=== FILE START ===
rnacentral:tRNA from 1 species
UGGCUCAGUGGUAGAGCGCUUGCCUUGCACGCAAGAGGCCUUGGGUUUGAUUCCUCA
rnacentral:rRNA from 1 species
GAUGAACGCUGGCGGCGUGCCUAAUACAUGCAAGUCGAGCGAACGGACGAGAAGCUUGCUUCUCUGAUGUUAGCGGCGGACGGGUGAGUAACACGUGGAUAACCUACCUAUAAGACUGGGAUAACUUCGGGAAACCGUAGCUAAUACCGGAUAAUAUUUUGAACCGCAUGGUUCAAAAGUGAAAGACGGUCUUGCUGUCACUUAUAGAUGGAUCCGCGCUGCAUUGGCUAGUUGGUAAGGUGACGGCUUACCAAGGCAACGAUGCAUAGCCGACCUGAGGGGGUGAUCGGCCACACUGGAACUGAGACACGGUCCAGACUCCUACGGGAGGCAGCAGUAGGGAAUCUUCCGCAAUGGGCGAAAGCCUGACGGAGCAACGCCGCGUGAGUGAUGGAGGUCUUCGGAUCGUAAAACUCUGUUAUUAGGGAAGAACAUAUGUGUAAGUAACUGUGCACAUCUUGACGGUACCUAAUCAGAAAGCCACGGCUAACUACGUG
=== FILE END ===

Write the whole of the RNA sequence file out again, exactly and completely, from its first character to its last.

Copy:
rnacentral:tRNA from 1 species
UGGCUCAGUGGUAGAGCGCUUGCCUUGCACGCAAGAGGCCUUGGGUUUGAUUCCUCA
rnacentral:rRNA from 1 species
GAUGAACGCUGGCGGCGUGCCUAAUACAUGCAAGUCGAGCGAACGGACGAGAAGCUUGCUUCUCUGAUGUUAGCGGCGGACGGGUGAGUAACACGUGGAUAACCUACCUAUAAGACUGGGAUAACUUCGGGAAACCGUAGCUAAUACCGGAUAAUAUUUUGAACCGCAUGGUUCAAAAGUGAAAGACGGUCUUGCUGUCACUUAUAGAUGGAUCCGCGCUGCAUUGGCUAGUUGGUAAGGUGACGGCUUACCAAGGCAACGAUGCAUAGCCGACCUGAGGGGGUGAUCGGCCACACUGGAACUGAGACACGGUCCAGACUCCUACGGGAGGCAGCAGUAGGGAAUCUUCCGCAAUGGGCGAAAGCCUGACGGAGCAACGCCGCGUGAGUGAUGGAGGUCUUCGGAUCGUAAAACUCUGUUAUUAGGGAAGAACAUAUGUGUAAGUAACUGUGCACAUCUUGACGGUACCUAAUCAGAAAGCCACGGCUAACUACGUG